The New Head of Planned Parenthood Is a 35-Year-Old Immigrant Doctor

She’s also an outspoken critic of Trump.

On Wednesday, Planned Parenthood announced its next president: Dr. Leana Wen, the Baltimore health commissioner and an outspoken critic of the Trump administration’s cuts to public health programs.

Wen, 35, immigrated with her parents to the United States when she was seven years old after China’s Tiananmen Square uprising. Growing up in Compton, California, she was dependent on Medicaid and saw the ravages of public health disparities firsthand: addiction, gun violence, young moms who lacked access to reproductive services. After college—Wen graduated from California State University at age 18—came medical school, a Rhodes Scholarship, and work as an emergency room doctor. Under Wen’s leadership as public health commissioner, Baltimore sued the Trump administration for cutting funding for teen pregnancy prevention, resulting in the restoration of $5 million in grants. She has also fought administration changes to Title X, the family planning program and is leading a lawsuit accusing the administration of intentionally sabotaging the Affordable Care Act. 

The announcement comes at a critical time for Planned Parenthood: While the majority of Americans support the organization, Republicans have repeatedly attempted to cut funding. Meanwhile, pro-choice advocates worry that an increasingly conservative Supreme Court could weaken or overturn Roe v. Wade. “A core principle in public health is to go where the need is,” Wen said in a statement, adding that she has relied on Planned Parenthood for her own healthcare. “The single biggest public health catastrophe of our time is the threat to women’s health and the health of our most vulnerable communities.”

But Wen is perhaps best known for her response to the opioid crisis in a city that has been ravaged by the scourge of heroin for decades. She issued a blanket prescription for overdose reversal drug naloxone and helped change how Baltimore’s first responders address clusters of overdoses. She spoke with Mother Jones last year about her approach towards the opioid epidemic and was prominently featured in the mini-documentary series, Finding a Fix. You can watch a portion of it below.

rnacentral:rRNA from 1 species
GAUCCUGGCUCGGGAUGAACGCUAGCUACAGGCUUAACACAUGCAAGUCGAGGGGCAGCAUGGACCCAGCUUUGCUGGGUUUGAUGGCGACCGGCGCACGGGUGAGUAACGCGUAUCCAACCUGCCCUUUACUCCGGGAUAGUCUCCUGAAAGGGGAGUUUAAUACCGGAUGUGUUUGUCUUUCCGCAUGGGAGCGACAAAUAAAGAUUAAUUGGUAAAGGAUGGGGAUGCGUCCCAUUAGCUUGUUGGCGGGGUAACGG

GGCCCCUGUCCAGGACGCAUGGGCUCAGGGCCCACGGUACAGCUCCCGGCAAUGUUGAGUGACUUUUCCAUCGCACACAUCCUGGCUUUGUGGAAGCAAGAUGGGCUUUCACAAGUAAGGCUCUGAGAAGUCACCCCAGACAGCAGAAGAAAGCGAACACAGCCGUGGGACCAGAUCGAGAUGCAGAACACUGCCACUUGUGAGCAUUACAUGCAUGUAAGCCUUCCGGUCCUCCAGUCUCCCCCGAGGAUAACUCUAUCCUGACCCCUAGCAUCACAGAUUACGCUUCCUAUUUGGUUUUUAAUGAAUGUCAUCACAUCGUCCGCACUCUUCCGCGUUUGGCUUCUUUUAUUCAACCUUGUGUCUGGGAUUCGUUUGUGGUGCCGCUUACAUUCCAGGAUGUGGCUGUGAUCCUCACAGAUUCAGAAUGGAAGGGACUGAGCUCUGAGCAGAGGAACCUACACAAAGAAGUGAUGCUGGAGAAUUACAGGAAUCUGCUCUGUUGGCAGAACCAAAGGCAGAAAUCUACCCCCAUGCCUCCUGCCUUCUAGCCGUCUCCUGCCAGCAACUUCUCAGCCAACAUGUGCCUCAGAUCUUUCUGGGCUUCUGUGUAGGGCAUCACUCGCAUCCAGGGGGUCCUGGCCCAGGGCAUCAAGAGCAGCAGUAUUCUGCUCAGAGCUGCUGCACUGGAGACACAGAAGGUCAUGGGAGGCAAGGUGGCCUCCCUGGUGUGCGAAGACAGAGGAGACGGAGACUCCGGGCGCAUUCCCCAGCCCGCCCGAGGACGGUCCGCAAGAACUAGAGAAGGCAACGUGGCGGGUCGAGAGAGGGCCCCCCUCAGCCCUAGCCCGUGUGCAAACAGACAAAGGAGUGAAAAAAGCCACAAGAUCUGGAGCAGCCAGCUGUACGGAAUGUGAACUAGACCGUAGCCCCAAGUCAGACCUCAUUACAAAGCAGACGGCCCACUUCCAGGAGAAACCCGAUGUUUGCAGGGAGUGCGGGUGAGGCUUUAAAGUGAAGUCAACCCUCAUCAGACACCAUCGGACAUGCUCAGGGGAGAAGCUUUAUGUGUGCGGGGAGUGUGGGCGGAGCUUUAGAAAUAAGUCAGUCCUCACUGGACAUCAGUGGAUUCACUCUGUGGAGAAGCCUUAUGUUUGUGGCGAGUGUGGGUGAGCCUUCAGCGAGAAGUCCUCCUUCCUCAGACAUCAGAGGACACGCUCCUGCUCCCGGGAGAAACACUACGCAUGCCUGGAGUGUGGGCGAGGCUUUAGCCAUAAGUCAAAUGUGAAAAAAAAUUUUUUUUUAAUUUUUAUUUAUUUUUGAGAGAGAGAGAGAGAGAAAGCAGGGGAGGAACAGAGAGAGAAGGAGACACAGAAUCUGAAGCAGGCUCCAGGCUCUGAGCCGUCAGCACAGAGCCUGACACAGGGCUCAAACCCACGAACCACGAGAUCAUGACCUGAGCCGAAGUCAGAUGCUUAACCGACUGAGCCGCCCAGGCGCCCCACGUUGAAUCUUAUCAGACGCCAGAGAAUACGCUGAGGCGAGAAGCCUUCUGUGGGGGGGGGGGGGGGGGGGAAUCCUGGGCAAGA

“We can choose to be political, but not partisan,” Wen told Mother Jones when asked about her critiques of the Trump administration. “When these proposals come forth to slash our safety net programs, it’s my job as the city’s doctor to protect the health and wellbeing of our residents. When it’s threatened in these very direct ways, I have to speak up.” 

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You just sent an incredible message: that quality journalism doesn't have to answer to advertisers, billionaires, or hedge funds; that newsrooms can eke out an existence thanks primarily to the generosity of its readers. That's so powerful. Especially during what's been called a "media extinction event" when those looking to make a profit from the news pull back, the Mother Jones community steps in.

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